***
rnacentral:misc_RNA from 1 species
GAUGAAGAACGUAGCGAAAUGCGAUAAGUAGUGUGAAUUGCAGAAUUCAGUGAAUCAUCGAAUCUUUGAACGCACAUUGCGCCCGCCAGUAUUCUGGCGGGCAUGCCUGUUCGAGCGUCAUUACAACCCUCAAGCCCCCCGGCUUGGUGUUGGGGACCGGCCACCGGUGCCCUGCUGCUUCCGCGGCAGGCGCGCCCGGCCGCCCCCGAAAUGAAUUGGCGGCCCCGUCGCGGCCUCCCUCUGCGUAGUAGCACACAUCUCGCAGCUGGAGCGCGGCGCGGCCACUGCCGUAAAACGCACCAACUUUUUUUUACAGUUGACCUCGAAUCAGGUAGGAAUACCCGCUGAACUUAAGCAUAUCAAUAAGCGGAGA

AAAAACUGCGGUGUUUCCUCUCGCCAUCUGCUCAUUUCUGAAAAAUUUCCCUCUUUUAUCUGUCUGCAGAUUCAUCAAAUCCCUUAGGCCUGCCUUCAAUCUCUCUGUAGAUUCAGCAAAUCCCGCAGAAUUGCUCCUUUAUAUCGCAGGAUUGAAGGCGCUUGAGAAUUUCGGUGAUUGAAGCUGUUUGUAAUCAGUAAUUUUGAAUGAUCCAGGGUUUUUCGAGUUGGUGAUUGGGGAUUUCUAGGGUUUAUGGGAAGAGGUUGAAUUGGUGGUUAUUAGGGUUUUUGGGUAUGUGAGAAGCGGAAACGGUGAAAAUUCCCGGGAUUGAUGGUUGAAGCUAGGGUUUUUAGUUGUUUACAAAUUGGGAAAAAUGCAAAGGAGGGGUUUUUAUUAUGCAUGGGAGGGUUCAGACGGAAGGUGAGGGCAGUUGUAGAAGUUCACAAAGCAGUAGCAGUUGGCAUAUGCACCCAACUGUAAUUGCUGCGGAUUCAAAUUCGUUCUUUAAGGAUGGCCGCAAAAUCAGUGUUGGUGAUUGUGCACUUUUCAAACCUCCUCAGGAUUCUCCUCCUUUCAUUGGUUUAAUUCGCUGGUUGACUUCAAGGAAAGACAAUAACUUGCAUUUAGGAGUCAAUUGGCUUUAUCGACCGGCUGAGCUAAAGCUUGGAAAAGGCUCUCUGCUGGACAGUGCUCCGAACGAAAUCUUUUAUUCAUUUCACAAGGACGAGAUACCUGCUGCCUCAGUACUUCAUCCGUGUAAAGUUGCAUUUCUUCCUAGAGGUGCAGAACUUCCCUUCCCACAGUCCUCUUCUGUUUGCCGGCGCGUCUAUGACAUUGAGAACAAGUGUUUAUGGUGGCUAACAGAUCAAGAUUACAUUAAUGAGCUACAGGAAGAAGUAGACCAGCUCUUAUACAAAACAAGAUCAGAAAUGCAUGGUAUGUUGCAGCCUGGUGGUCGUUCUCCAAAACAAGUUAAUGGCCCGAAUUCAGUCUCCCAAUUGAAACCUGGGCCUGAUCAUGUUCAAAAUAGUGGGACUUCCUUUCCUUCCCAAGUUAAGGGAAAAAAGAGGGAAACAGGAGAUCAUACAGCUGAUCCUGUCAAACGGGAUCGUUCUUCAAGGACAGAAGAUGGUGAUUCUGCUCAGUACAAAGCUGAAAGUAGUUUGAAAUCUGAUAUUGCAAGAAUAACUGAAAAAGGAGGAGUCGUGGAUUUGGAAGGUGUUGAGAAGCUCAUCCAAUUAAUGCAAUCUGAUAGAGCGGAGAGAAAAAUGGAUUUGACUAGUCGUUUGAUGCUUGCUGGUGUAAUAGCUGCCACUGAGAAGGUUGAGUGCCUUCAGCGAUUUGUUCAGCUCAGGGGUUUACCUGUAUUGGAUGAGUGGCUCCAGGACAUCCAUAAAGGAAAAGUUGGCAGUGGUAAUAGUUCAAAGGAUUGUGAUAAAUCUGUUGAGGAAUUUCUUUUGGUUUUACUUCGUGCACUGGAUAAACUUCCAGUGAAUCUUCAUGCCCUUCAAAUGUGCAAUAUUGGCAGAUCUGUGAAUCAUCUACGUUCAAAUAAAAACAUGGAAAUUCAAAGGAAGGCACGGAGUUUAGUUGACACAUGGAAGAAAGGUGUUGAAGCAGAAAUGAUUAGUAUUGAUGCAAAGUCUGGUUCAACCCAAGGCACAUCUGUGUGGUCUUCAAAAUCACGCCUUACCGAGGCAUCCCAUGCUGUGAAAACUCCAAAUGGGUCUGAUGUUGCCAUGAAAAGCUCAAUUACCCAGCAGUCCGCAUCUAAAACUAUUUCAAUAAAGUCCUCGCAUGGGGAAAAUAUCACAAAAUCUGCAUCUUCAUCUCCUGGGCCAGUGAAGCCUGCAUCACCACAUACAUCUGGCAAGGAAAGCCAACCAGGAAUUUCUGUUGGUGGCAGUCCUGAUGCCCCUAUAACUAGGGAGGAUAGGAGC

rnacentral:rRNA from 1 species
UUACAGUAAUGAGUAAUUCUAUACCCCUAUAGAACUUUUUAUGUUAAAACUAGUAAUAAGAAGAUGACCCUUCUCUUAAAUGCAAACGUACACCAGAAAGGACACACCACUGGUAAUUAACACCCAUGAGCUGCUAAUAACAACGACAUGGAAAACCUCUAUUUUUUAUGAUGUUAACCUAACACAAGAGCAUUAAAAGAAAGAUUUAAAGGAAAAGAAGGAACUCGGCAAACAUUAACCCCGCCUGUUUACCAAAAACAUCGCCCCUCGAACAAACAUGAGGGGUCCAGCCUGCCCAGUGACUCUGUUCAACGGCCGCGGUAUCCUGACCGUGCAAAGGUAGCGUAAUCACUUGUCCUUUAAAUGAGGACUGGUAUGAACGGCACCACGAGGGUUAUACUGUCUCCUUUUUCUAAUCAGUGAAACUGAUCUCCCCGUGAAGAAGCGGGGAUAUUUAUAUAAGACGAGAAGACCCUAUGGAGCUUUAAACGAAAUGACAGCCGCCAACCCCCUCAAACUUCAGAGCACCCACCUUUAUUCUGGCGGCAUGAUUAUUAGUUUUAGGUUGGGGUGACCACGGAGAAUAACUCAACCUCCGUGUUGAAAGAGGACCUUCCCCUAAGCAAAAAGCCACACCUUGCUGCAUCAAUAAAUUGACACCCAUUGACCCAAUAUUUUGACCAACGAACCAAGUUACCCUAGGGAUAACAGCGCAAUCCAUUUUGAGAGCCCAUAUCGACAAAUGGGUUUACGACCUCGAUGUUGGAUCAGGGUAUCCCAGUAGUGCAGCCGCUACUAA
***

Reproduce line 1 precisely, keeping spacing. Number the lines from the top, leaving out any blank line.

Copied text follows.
rnacentral:misc_RNA from 1 species